Today, in a speech to Parliament, UK prime minister Theresa May pledged to stand down before the next phase of Brexit negotiations if Parliament would vote for her deal.
Assuming this is not one monstrous lie, May will be gone on or before May 22.
She immediately became a lame duck with her announcement.
Commons Speaker John Bercow's threatens to hold off on allowing another vote on May's deal unless there are changes.
Q. What's Bercow's Angle?
A. He does not want Brexit.
Bercow looks like an ass for his rulings.
One way or another, there will be at least one more vote. If it's close and fails, there will be two more votes.
Bercow did allow votes on numerous unicorns that either May will not allow or the EU will not accept.
- B - John Baron’s - No deal - Backed by Conservative MPs John Baron, David Amess, Martin Vickers and Stephen Metcalfe, the motion proposes leaving the European Union without a deal on April 12.
- D - Nick Boles’s - common market 2.0
- H - George Eustice’s - Efta and EEA
- J - Ken Clarke’s - Customs union
- K - Labour’s - Customs union and alignment with single market
- L - Joanna Cherry’s - Revocation to avoid no deal
- M - Dame Margaret Beckett’s - Confirmatory public vote
- O - Marcus Fysh’s - Contingent preferential arrangements - A group of Conservative MPs, including Marcus Fysh, Steve Baker and Priti Patel, have signed a motion that calls for the government to seek to agree preferential trade arrangements with the EU, in case the UK is unable to implement a withdrawal agreement with the bloc.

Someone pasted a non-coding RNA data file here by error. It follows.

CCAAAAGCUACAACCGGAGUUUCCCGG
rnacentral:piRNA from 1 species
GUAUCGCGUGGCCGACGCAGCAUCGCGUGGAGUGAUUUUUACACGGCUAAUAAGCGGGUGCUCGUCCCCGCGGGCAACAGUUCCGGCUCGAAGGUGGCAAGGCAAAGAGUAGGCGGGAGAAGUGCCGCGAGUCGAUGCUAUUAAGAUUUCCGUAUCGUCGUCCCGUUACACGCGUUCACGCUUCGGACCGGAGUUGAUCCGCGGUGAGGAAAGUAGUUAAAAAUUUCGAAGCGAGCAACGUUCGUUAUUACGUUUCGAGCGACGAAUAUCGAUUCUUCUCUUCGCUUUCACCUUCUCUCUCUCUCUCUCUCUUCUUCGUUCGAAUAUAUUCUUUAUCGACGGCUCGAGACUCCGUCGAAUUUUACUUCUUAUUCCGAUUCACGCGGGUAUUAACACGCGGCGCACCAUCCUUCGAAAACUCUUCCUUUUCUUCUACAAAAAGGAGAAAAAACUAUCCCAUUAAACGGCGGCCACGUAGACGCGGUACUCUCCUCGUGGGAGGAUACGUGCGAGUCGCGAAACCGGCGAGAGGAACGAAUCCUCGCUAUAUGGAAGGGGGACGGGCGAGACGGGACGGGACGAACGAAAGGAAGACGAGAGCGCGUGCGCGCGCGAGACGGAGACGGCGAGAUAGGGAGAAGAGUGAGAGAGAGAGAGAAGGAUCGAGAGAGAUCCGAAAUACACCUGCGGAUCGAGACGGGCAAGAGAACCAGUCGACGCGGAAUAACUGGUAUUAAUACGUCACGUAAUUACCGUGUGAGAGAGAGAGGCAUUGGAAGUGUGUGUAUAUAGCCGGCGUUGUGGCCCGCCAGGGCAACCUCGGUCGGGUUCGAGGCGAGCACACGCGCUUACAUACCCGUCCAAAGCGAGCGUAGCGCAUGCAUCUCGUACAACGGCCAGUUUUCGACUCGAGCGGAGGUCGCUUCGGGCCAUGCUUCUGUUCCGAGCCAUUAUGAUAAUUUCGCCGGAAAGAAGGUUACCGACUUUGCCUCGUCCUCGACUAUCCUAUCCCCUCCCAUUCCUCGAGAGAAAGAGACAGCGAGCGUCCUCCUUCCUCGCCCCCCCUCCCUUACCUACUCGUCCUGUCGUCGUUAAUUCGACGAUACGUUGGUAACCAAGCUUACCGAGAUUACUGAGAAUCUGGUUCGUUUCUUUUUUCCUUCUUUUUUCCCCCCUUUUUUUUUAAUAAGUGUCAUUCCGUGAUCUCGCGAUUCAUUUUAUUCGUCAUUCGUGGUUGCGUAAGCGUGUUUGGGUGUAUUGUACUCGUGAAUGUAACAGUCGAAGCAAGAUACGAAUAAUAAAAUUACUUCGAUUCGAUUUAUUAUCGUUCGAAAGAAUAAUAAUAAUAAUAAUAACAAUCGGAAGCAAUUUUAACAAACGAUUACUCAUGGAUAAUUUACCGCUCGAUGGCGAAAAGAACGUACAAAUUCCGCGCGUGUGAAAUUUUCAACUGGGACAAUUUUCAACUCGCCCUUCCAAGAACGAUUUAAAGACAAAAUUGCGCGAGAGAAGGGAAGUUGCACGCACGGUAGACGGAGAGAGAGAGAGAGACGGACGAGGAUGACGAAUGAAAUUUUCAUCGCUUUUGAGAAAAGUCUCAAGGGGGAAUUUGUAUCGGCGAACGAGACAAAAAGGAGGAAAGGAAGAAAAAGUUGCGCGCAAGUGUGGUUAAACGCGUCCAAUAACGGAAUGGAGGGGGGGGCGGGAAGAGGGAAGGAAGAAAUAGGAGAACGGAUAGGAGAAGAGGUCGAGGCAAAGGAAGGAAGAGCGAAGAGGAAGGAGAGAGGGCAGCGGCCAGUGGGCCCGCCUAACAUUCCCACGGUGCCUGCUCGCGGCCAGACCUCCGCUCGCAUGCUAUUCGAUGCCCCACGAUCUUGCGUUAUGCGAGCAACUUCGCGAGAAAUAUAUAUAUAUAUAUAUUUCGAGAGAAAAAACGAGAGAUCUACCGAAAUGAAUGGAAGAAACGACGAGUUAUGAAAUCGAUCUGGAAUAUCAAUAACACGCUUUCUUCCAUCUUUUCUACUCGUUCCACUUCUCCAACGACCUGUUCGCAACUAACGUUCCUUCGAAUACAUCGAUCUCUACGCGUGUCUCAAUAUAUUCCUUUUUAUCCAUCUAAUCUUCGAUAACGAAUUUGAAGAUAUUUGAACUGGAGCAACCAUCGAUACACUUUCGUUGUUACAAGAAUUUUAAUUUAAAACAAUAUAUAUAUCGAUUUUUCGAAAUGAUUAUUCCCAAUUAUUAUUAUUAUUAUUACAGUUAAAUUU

Only B and O are worth discussing. B will not happen, but the EU would accept it and May would likely go along with it. Thus it's theoretically possible, but it will not happen.
Option O does not need a vote. It would happen by default if there is a no-deal Brexit.
The rest are all unicorns. Either May will not accept them or the EU will not accept them.
Odds Are the Deal Passes
Jacob Rees-Mogg, the chair of the European Research Group, has just told Sky News that he thinks the chances of Theresa May’s deal being passed are now “much higher than they were”.
If DUP can be persuaded to back this deal, it's all over but the shouting and crying.
Perhaps it takes a 4th meaningful vote and some sort of subtle but meaningless word change by the EU.
Boris Johnson to Back May's Deal
Please consider Boris Johnson to Back May's Brexit Deal After Resignation Pledge.
Johnson once called May's deal a "suicide vest".
Q. What does Johnson want?
A. That's easy, to be the next Prime Minister.
From this side of the Atlantic, I don't care who the next UK PM is other than that person be a hard-core Brexiteer.
It is easy for a dedicated, stubborn PM to get his or her way. Theresa May just proved that, even if she had to fall on her own sword to do it.
The next PM will have tremendous latitude with the EU including threats of stopping payments if the the EU does not negotiate in good faith.
Johnson or any other hard Brexiteer will not give up fishing rights or Gibraltar. Nor would Johnson increase payments. Instead he would work on negotiating a decent trade deal.
Deal Now Workable
With May out the way, her deal becomes workable.
- Germany will be all too willing to go along because its exports will soon collapse.
- A hard-core Brexiter can refuse to make payments. The EU would sue. So what? There is no enforcement procedure if the UK refuses to pay.
- Sovereign nations have lots of latitude. Look at US sanctions on Russia, Iran, Venezuela, etc.
Hello, Borris Johnson?
Mike "Mish" Shedlock